A house mouse (Mus musculus) population eruption in response to rimu (Dacrydium cupressinum) seedfall in southern New Zealand

W.A. Ruscoe, D. Wilson, L. McElrea, G. Mcelrea, S.J. Richardson

    Research output: Contribution to journalArticle

    24 Citations (Scopus)

    Abstract

    We document an increase in house mouse (Mus musculus) abundance in a year (2002) when there was light beech (Nothofagus species) seedfall but very heavy rimu (Dacrydium cupressinum) seedfall in Waitutu Forest, southern New Zealand. On our nine study grids, mouse numbers in November were highly correlated with rimu seedfall. Feeding trials with wild-caught captive mice showed that mice typically opened the rimu nut and ate the seed (endosperm and embryo) leaving the husk. Chemical analysis showed that the nutritional content and calorific value of rimu seed was more than sufficient to sustain growth and reproduction in house mice. We conclude that the heavy rimu seedfall drove the house mouse population eruption in Waitutu Forest. Although large increases in house mouse populations in beech forest systems are well documented, this is the first description of a mouse population increase as a result of a podocarp seeding event in New Zealand. We highlight the potential risk these dynamics pose to threatened native birds living in mixed forest systems.
    Original languageUndefined
    Pages (from-to)259-265
    Number of pages7
    JournalNew Zealand Journal of Ecology
    Volume28
    Issue number2
    Publication statusPublished - 2004

    Cite this

    Ruscoe, W.A. ; Wilson, D. ; McElrea, L. ; Mcelrea, G. ; Richardson, S.J. / A house mouse (Mus musculus) population eruption in response to rimu (Dacrydium cupressinum) seedfall in southern New Zealand. In: New Zealand Journal of Ecology. 2004 ; Vol. 28, No. 2. pp. 259-265.
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    abstract = "We document an increase in house mouse (Mus musculus) abundance in a year (2002) when there was light beech (Nothofagus species) seedfall but very heavy rimu (Dacrydium cupressinum) seedfall in Waitutu Forest, southern New Zealand. On our nine study grids, mouse numbers in November were highly correlated with rimu seedfall. Feeding trials with wild-caught captive mice showed that mice typically opened the rimu nut and ate the seed (endosperm and embryo) leaving the husk. Chemical analysis showed that the nutritional content and calorific value of rimu seed was more than sufficient to sustain growth and reproduction in house mice. We conclude that the heavy rimu seedfall drove the house mouse population eruption in Waitutu Forest. Although large increases in house mouse populations in beech forest systems are well documented, this is the first description of a mouse population increase as a result of a podocarp seeding event in New Zealand. We highlight the potential risk these dynamics pose to threatened native birds living in mixed forest systems.",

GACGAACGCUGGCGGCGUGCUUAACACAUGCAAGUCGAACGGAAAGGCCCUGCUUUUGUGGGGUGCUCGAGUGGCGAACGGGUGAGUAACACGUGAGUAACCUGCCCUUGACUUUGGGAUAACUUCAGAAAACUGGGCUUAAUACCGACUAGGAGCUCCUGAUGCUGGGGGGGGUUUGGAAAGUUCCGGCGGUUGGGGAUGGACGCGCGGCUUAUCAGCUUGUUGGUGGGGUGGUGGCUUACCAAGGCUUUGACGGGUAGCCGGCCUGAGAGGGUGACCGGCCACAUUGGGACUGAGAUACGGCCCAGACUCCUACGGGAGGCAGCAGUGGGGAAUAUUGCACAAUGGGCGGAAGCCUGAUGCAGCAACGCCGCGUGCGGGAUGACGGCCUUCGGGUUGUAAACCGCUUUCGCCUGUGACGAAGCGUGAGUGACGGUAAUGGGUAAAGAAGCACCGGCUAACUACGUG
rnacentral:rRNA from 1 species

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    A house mouse (Mus musculus) population eruption in response to rimu (Dacrydium cupressinum) seedfall in southern New Zealand. / Ruscoe, W.A.; Wilson, D.; McElrea, L.; Mcelrea, G.; Richardson, S.J.

    In: New Zealand Journal of Ecology, Vol. 28, No. 2, 2004, p. 259-265.

    Research output: Contribution to journalArticle

    TY - JOUR

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    AU - Ruscoe, W.A.

    AU - Wilson, D.

    AU - McElrea, L.

    AU - Mcelrea, G.

    AU - Richardson, S.J.

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    AB - We document an increase in house mouse (Mus musculus) abundance in a year (2002) when there was light beech (Nothofagus species) seedfall but very heavy rimu (Dacrydium cupressinum) seedfall in Waitutu Forest, southern New Zealand. On our nine study grids, mouse numbers in November were highly correlated with rimu seedfall. Feeding trials with wild-caught captive mice showed that mice typically opened the rimu nut and ate the seed (endosperm and embryo) leaving the husk. Chemical analysis showed that the nutritional content and calorific value of rimu seed was more than sufficient to sustain growth and reproduction in house mice. We conclude that the heavy rimu seedfall drove the house mouse population eruption in Waitutu Forest. Although large increases in house mouse populations in beech forest systems are well documented, this is the first description of a mouse population increase as a result of a podocarp seeding event in New Zealand. We highlight the potential risk these dynamics pose to threatened native birds living in mixed forest systems.

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